The size twenty-nine white pants I purchased for my mission fourteen years ago don’t fit me anymore. I don’t know how many years I went to the temple to rent white pants instead of just buying a new pair. Denial, perhaps. But I was going to baptize my oldest child. So I went to the Distribution Center and purchased some. A friend hemmed them for me and I wore them, along with a new white shirt, white tie and white socks. I checked to see that the black Nike swoosh at the calf was not visible.
For several years volunteers have collected and digitized information on individuals that crossed the plains in the Mormon Pioneer Overland Travel Database, 1847–1868. Not only a rich tool for family history, by transcribing thousands primary source documents the website is an astonishing and accessible window to many facets of our history. We all owe our thanks to the workers who have devoted significant time and talent to this project. Judy and David Wood are, I understand, on their fourth mission consecrated to it and many, many others have participated unsung.
In late 1847, the Federal Government pressured the Latter-day Saints at Winter Quarters to leave Indian land. The Mormons crossed the Missouri river to settle on the eastern bank and founded the new city of Kanesville, Iowa (later Council Bluffs). Brigham Young directed Apostle Orson Hyde to preside over the settlement and the Frontier Guardian was his organ. Kanesville was a major point of emigration for those outside of the Church as well as those working towards Zion and the Guardian is a significant and generally untapped resource for understanding the period.
The paper endured for three volumes, plus a couple issues in a fourth, and BYU Studies and University of Utah Press  have just republished them:
I don’t have strong feelings in the debates surrounding “free will.” I believe in some measure of free will, but I tend to view it as an emergent vector. I generally don’t think infants have free will and I think that various environmental and biological factors have tremendous influence over any real will. I do believe, however, that God is perfectly free, and that he is God because he chooses to be good (coupled with maximal power, of course). Being god-like then requires us, as humans to expand our will within our biological constraints.
We are all familiar with the tired formulation of “I don’t have anything against x. Some of my best friends are x.” For my purposes these two sentences fail more than average. While some of my best friends do attend Salt Lake Sunstone (enjoying themselves as I type, actually), I apparently do have something against it.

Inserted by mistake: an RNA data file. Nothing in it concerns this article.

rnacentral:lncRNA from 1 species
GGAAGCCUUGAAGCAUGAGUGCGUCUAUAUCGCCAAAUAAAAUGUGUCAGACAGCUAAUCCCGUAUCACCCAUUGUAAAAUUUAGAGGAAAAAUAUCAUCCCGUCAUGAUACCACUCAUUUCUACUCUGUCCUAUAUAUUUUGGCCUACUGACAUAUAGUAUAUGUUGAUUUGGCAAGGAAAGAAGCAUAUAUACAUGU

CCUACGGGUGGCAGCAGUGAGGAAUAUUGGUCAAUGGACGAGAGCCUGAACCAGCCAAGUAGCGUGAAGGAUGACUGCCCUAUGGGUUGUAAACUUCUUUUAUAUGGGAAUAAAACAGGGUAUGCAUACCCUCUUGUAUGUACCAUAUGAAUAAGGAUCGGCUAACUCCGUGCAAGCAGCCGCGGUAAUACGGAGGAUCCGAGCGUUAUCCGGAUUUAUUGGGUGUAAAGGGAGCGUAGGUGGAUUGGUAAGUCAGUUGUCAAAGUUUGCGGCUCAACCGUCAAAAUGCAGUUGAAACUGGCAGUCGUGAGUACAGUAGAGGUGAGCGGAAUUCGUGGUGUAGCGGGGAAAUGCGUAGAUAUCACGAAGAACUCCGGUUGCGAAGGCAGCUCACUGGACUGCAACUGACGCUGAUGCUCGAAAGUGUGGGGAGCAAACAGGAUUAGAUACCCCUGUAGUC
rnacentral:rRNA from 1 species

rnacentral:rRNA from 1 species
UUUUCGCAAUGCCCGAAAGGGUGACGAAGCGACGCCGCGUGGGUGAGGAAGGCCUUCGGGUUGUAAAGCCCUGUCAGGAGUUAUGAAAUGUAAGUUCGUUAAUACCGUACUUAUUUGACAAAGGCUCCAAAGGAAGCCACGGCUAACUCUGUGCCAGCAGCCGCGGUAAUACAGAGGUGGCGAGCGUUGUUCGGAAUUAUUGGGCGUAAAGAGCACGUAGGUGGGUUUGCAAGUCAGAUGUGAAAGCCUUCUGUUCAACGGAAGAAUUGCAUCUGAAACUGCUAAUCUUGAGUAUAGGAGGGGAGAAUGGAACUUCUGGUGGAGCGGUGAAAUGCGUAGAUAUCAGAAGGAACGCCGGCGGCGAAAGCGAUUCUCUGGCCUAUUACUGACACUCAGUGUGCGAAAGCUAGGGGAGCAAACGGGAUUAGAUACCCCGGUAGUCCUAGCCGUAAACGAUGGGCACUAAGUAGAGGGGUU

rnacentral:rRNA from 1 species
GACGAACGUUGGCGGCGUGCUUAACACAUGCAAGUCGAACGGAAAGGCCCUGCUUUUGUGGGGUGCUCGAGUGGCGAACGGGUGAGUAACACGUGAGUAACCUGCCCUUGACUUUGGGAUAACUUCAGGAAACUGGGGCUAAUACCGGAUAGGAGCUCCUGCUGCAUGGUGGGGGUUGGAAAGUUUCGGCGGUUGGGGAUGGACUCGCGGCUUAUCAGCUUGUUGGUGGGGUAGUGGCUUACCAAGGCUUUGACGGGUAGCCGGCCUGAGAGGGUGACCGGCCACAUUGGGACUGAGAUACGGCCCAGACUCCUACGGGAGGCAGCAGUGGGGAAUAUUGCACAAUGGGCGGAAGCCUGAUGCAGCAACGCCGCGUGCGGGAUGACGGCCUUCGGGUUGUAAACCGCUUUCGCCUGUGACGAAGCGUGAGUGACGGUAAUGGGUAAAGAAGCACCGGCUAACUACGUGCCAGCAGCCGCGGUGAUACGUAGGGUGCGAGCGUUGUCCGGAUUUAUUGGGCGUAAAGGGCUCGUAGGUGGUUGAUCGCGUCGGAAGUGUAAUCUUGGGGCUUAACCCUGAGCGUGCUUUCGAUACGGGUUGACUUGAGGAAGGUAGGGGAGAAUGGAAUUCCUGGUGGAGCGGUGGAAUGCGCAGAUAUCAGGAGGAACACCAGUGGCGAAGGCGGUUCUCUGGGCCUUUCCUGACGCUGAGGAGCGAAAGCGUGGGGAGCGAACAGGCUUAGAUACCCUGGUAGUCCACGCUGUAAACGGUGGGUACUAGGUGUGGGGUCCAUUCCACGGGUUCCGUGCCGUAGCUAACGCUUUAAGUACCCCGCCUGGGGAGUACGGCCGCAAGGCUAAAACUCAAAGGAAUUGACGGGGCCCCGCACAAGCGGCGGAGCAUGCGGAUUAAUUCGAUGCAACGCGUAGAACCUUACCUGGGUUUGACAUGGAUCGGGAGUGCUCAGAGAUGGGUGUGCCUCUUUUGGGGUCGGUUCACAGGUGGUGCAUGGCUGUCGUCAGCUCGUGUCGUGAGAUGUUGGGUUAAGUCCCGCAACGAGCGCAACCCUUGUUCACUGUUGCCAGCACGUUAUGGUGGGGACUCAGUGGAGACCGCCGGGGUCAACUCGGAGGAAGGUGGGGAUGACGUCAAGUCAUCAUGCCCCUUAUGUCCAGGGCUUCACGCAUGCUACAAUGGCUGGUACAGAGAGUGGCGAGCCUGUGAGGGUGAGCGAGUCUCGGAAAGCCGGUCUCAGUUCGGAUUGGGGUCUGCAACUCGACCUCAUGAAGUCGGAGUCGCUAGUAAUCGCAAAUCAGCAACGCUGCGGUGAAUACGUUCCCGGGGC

Nate Oman recently posted on the “evolution of excommunication.” In his essay, Nate outlined the shift of excommunication from a tool to enforce adjudication to the verdict of adjudication itself. Without reiterating the major points of his argument, I’d like to offer a different reading based on a frequent outcome of ecclesial discipline in the history of the Church: rebaptism. [Read more...]
On July 24, an advanced team of the vanguard company had been in the valley for two days. In that time they had already set up a plough forge, ploughed 3 acres, planted potatoes and irrigated from a dam which they had constructed over a creek above their camp. While they ate dinner, Brigham Young and the rest emerged from the canyon. Buckwheat soon followed. Within a couple of weeks Church leaders rebaptized the company and baptized some for their health in the dammed up City Creek.  [Read more...]
And God wrought special miracles by the hands of Paul: So that from his body were brought unto the sick handkerchiefs or aprons, and the diseases departed from them, and the evil spirits went out of them. (Acts 19:11-12)
Early Mormons were consciously biblical in their world-view. Healing rituals in particular followed the precedents explicitly exemplified in the Bible. Perhaps not surprisingly, though rare compared to other forms of ritual healing, the Twelve and then Joseph Smith passed along handkerchiefs which they had blessed to the sick to heal them. Stories of such activities still remain in popular thought; the New Testament Seminary manual recounts the famous healings at Montrose in which Joseph gave Wilford Woodruff one such handkerchief that remained “a league between” the men.